Last week we told you of the report from the International Monetary Fund (IMF) where it was indicated that the country’s GDP to debt ratio has significantly lowered. Explaining the numbers is CEO in the Ministry of Economic Development, Dr Osmond Martinez.
Dr. Osmond Martinez, CEO, Ministry of Economic Development: “For the first time in the history of Belize, we have a 9.8% growth and it is important to compare the Barrow administration on the first year performance and the Briceño administration on the first year performance. In 2009, the GDP growth was by .3% and now it is by 9.8%. One of the things that the general public is saying is that they are not feeling that benefit and so I just want to tell you that the growth is recovery. Why? Because last year the GDP contracted by 15.6% and now the growth is 9.8% which means that we are still not at the levels of 2019. Okay? What the government has done very well is in managing the debt, the country’s debt, whereby there was a restructuring of the Super Bond to the Blue Bond and just on that restructuring and payment of the Super Bond, Belize managed to save 500 million BZD and so, but there is growth. Even though it is recovery, it is growth and the public officers now will enjoy their 10% salary cuts will be given back to them.”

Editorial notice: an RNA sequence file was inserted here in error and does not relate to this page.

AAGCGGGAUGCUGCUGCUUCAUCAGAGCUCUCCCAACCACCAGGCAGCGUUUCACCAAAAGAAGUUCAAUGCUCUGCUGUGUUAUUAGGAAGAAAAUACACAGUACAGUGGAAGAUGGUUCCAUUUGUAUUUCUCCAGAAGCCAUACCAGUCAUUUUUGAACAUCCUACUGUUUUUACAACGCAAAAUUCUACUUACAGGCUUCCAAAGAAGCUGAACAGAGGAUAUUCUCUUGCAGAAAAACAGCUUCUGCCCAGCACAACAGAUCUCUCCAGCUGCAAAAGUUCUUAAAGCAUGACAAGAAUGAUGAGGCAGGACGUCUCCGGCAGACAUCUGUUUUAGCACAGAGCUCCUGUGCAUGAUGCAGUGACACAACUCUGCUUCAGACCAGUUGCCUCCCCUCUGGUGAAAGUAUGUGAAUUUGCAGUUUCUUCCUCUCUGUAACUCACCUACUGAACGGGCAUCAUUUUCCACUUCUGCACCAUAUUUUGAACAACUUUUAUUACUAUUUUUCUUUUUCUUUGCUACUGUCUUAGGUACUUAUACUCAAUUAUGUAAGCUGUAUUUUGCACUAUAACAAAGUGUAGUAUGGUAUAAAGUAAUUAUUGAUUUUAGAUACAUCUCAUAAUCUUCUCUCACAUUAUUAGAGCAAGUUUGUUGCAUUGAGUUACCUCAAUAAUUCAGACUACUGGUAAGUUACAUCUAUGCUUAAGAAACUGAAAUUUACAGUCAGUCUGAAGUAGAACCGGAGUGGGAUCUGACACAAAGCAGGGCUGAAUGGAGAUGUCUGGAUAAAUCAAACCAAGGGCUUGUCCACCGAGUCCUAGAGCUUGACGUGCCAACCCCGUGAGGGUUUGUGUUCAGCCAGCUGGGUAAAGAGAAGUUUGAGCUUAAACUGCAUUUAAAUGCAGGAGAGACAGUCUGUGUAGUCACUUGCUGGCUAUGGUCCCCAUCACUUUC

Dr Martinez further explained that the country’s economy can continue seeing gradual growth if we can bring a balance between the imports and exports, among other factors.
Dr. Osmond Martinez, CEO, Ministry of Economic Development: “When we import, we also import inflation and so for example, if you buy a computer right now and the computer in the United States was 5 or 10% more expensive than last year, when you bring that item into the country, you are also bringing the inflation and so 53% of Belize’s GDP is imported and so by assisting the productive sector, that is key. We have a program, for example, with the Resilient Rural Belize Program under the EFAD funds which was sitting down there from 2018 and that also has a component GCF of the Green Climate Fund, and that’s $40 million BZD and that has different components on it. One of them is capacity building; 2. Is to help with marketing; 3. Is to help in the development of infrastructure to have a road access and better communication from the farm to the market and so, but we need to do more of it. In addition to that, I mean as Belizeans, we need to look at other opportunities where we can have added value products. So for example, we produce pineapples. We export pineapple juice but we import millions of dollars on processed pineapple. So why not process the pineapple here? We have the capability to produce. Then we produce bins. We export bins but we import processed bins. We import millions of dollars of processed bins every year. Why is it that we are not producing, having that added value product in Belize? So one of the things that the country and the economy needs to move forward is that our currency should have more transactions within our ecosystem before it exits. It simply means, for example, whenever you buy fuel, that first transaction, the money is being leaked out of our ecosystem then that will not reach full employment and full growth. So the more transactions we have, the better, as a result of it, the macro economy will be stabilised because we have an unstable macro economy which we have worked very hard to stabilise it and I think we have done a good job on the first year but there is still tremendous amount of work that needs to be done.”